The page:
Style & Fashion


Lily Aldridge

The Times

February 23, 2013


When model Lily Aldridge was a teenager, she found a copy of Playboy in her artist father Alan’s studio. “I thought, ‘Oh my God, my dad’s reading Playboy, it’s like he’s having a crazy affair,’” she says in the hushed bar of a New York hotel. “I ran upstairs to tell my mother and she was like, ‘Well, there’s something you should know…’” Aldridge’s mother, Laura Lyons, revealed she was a former Playboy Bunny and Playmate. “I was pretty shocked and amazed, but I thought it was cool. She was a ‘jet bunny’, too [a flight attendant on Hugh Hefner’s private plane]. I have the little outfit she wore: a leather Sixties Mod-style long-sleeve dress with a silver bunny sewn onto it.”

Like mother, like daughter. Just as in the Sixties and Seventies, when her mother was the stuff of male fantasy, so today Aldridge, 27, is a Victoria’s Secret Angel, striding the catwalk in her bra and knickers.

Her English father designed book covers for Penguin and album artwork for the Beatles and Elton John, and the Aldridges were “really good friends” with musicians such as Roger Daltrey. “I was raised on the Beatles and went to a Who concert when I was 5.”

Modelling and fashion is the family business. Aldridge’s half-brother Miles is a fashion photographer, married to model Kristen McMenamy; half-sister Saffron is a model; and her sister Ruby modelled for Marc Jacobs. Lily grew up mostly in Santa Monica and “a little bit” in England, where she formed an attachment to PG Tips.

Along with Miranda Kerr, Aldridge is one of the most papped of the Victoria’s Secret Angels, the top models who parade down catwalks in Victoria’s Secret lingerie and outrageous angel wings. The annual Victoria’s Secret Fashion Show TV spectacular pulls in an audience of more than ten million viewers: a fleshy, feminism-never-happened procession of young women in their undies.

Victoria’s Secret’s 2012 sales were $6.12 billion (£3.9 billion); it has more than 1,000 stores in the US and opened its first British ones last year.

“I love Victoria’s Secret,” Aldridge says, insisting she is not playing the corporate parrot. “I used to go to the mall as a teenager and buy it. I’m wearing it right now.” She smiles vaguely naughtily. I – a fixed, full-time homosexual – smile back and say, “Jolly good.”

“Underwear modelling has changed,” she claims. “All the Angels have to have some other quality apart from their looks – personality, generosity – that sets them apart.” What does she think of men ogling her? “I don’t know. I try not to think about it. When I’m posing I’m doing it for other women, thinking how much I loved looking at [similar] pictures as a little girl. Men are looking at me, too, I know that, and if I didn’t have men fans I wouldn’t have women fans.” How does she feel about being seen by some as a sex object? She looks askance. “It’s tricky. I don’t see myself as that and it’s weird to think of it that way.”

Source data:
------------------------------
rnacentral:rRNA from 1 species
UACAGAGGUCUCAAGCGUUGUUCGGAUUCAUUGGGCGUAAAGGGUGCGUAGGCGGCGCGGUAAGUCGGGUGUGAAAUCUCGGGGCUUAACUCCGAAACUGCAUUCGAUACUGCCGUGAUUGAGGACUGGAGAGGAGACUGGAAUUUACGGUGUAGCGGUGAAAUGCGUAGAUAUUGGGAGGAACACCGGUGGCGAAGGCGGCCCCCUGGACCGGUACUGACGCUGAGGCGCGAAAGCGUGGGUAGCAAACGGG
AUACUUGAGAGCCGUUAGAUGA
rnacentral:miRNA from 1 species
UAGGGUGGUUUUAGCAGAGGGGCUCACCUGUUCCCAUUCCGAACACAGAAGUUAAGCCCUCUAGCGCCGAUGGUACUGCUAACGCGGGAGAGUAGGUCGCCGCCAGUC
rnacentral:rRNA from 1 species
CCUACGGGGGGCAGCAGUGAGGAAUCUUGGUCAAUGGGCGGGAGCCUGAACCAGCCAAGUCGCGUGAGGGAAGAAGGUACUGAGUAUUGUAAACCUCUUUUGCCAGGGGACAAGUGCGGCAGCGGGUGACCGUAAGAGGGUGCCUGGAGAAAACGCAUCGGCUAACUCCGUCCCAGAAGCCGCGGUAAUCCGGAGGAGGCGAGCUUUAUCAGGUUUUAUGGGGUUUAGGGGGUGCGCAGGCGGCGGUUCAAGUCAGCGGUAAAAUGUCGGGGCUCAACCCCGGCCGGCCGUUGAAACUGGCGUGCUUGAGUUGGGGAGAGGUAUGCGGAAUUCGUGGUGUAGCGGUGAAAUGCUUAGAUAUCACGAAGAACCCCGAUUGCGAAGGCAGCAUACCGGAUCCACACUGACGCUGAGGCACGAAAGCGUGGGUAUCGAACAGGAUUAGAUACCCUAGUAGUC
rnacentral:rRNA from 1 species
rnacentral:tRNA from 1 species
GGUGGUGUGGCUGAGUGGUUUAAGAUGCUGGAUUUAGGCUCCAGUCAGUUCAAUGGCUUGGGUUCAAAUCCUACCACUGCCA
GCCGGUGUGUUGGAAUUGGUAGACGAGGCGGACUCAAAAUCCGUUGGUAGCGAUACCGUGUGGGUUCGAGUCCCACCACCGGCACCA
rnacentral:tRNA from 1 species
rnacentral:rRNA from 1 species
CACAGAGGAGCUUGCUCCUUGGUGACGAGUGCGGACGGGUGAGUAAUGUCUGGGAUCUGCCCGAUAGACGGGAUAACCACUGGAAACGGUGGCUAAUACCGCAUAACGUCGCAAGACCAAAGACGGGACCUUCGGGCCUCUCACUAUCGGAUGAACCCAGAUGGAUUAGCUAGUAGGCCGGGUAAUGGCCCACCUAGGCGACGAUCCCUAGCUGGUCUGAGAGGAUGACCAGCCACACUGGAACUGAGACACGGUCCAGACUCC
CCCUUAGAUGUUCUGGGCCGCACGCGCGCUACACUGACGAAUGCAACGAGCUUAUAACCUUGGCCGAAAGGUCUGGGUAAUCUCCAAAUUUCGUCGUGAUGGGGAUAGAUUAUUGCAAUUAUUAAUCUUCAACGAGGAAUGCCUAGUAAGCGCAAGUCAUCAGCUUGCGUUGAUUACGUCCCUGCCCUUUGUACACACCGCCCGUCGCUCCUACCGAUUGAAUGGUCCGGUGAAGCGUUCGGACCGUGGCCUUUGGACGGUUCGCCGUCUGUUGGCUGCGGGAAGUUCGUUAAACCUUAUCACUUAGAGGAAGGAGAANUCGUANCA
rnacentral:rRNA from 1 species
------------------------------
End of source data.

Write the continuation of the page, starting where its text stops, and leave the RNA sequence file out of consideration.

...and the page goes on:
Aldridge is keen to build her own brand. She has just designed a collection for Velvet, one of the first labels she modelled for. “It felt a no-brainer; it’s my style.” Last year she gave birth to her daughter, Dixie. Her husband is Caleb Followill, lead singer of Kings of Leon. She met him at Coachella in 2007 and asked him for a shot of tequila: “I knew he had a crush on me.” Their first date was at Nobu in London.

“From then on, we were inseparable.”

Despite their professions, she claims: “We’re super-low-key and very family-orientated.” There’s no rock-star wildness, beyond “liking a glass of wine”.

Aldridge started modelling at 17. “I was pretty waify as a kid and was told by my agents to gain weight. I ate five pizzas a day.”

When Aldridge started out, the model Carolyn Murphy warned her about girls who partied too much.

“She said, ‘Treat this job like a business. Girls get caught up in it, but it’s just a job.’ It was very good advice. I never did drugs: that was not my thing, thank God.”

She appeared on the cover of Spanish Vogue at 17, but “being a Victoria’s Secrets Angel is like a dream. It’s an amazing piece of American popular culture that all girls grow up with. You saw these models doing their fashion show on TV and you didn’t have to say their last names. Giselle, Tyra, Heidi: everybody knew who they were.”

She got her figure back after the birth of her daughter within months. “It was really hard, but my body looked amazing.” She trained with Mary Helen Bowers, who coached Natalie Portman for her lead in ballet drama Black Swan.

“I’m not self-conscious,” she says. “If I didn’t feel confident, I wouldn’t be dressing in underwear to make a living,” she says.

She is, she insists, “really low-maintenance. I love getting all sexy and dolled up, hot and awesome, but life isn’t how it seems on a billboard. It’s great that guys think I’m hot.

“But I’m a woman’s woman. I loved how on Downton Abbey, the youngest daughter [dear departed Lady Sybil] fought for women’s rights. I teared up watching that. I have rights now because of these women. I have the right to vote because of these feminists. I have the freedom now to be a Victoria’s Secret Angel because of them.”

I’m not sure the suffragettes were marching for that kind of freedom.

She finds elements of fame unsettling, such as in an airport recently, when someone took her picture on their phone. “Twenty minutes later, a picture appears on Twitter of me eating a sandwich. I love being recognised, and I wanted to say to the person, you should have just come over and said hello.”

And Aldridge really doesn’t mind if lusty men are among them? She gives me a “like duh” look. “Obviously, they’re going to look at pictures of girls in their underwear and think they’re hot.” Then she grins. “And they are hot.”